The project was announced by Sanger on September 15, 2006, at the Wizards of OS 4 conference in Berlin. He gave no deadline for the full launch of the wiki. However, on October 2, 2006, Sanger released a pilot project announcement that envisioned a fully functioning wiki within "one to two months."
In an apparent attempt to quicken the pace of the project, on October 2, 2006, Citizendium web forum moderator Peter Hitchmough suggested what he called an "alpha test" of the concept. Hitchmough proposed the forking of a limited number of Wikipedia articles to a site where Citizendium web forum and mailing list members could "rewrite a complete section" of Wikipedia content.
Larry Sanger reacted enthusiastically to the idea and at first suggested his already existing Textop wiki as the site for the alpha test. Sanger later posted that Textop would not be a good choice, but showed continued interest in the proposal. He envisioned a "restricted-access" wiki where the idea could be tried and requested further discussion.
No access to the pilot version of the Citizendium, even read-only, was allowed to the general public. Sanger stated: "Only invited people will be able to view and edit the pilot project wiki." Sanger also said that constables for the pilot project will be chosen by the chief constable.
In a press release on October 17, 2006, Sanger announced: "the fledgling Citizendium Foundation will launch a six-week pilot project open to potential contributors by invitation". Several editors and other project leaders were named. It was also announced that the Citizendium Foundation had "started the process of applying for 501(c)(3) status [non-profit status]" and had "received a firm commitment for a significant seed grant from a foundation, as well as small personal donations." In a follow-up post to the press release, Sanger said that the initial group allowed access to the pilot would consist of "ten editors, three constables, six authors, and me."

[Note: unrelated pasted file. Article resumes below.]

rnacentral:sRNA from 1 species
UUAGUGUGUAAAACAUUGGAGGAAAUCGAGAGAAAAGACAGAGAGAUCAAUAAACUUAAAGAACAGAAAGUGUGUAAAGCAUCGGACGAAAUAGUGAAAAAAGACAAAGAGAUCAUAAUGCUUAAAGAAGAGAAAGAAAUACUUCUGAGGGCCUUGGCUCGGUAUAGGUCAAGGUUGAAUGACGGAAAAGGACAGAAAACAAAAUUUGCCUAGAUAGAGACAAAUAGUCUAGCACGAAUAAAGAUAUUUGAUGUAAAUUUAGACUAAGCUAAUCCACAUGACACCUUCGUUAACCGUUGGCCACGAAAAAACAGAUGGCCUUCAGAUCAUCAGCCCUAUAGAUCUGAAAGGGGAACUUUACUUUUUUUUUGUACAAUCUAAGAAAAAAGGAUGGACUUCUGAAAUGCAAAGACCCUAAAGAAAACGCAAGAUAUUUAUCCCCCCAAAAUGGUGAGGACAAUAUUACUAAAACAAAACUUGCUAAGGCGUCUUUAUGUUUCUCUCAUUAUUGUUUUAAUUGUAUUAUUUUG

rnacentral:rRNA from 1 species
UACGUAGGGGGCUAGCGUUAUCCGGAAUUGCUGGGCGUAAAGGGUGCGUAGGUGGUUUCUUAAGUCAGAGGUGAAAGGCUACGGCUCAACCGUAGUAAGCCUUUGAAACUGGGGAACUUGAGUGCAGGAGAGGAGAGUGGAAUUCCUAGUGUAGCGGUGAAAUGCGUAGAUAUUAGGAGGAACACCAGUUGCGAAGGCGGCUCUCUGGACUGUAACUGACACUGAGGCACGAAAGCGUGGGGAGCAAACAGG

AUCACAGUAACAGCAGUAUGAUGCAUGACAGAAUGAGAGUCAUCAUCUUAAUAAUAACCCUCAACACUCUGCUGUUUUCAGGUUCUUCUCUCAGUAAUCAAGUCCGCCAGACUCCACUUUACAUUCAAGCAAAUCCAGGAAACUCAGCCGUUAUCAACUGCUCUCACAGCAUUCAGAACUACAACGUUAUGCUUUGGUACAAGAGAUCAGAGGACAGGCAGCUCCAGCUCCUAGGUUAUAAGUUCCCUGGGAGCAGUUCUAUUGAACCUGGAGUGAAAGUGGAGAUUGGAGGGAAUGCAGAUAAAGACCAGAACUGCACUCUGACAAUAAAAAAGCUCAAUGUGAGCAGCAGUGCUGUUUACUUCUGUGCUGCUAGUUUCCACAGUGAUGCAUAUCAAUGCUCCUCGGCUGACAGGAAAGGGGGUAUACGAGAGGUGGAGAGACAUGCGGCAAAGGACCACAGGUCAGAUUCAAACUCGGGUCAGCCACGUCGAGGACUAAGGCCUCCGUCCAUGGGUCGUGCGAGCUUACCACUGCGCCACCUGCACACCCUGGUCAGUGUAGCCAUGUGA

The pilot project began operations on October 23, 2006. On November 8, Larry Sanger reported that 263 user names had access to the pilot wiki, 183 articles on the wiki were "live" (meaning "someone is or intends to be working on them") and there were about 300 total edits to the wiki on November 7.
In a January 17, 2007, post to the Citizendium forum, Sanger stated that "we have had only 10–20 (very) active people out of 500 accounts created." As a result, Sanger decided to delete all articles besides those marked "CZ live" from the pilot project in an attempt to motivate greater participation. On January 22, 2007, the Citizendium experimented with a new self-registration procedure: read/write access was granted automatically after creation of the account. There were a few instances of vandalism after this change, though the vandalism was quickly reverted. On January 19, Sanger announced the formal organization of the Citizendium as a legal non-profit organization.
On February 16, 2007, in response to rising site vandalism, automatic account creation was put on hold while increased protections were being put in place to counter vandalism. The next day, page moves were limited to constables as an additional measure against vandalism. In addition, Sanger continued the process of un-forking the Citizendium from Wikipedia by inviting contributors to delete any Wikipedia content that had changed only superficially since it was imported.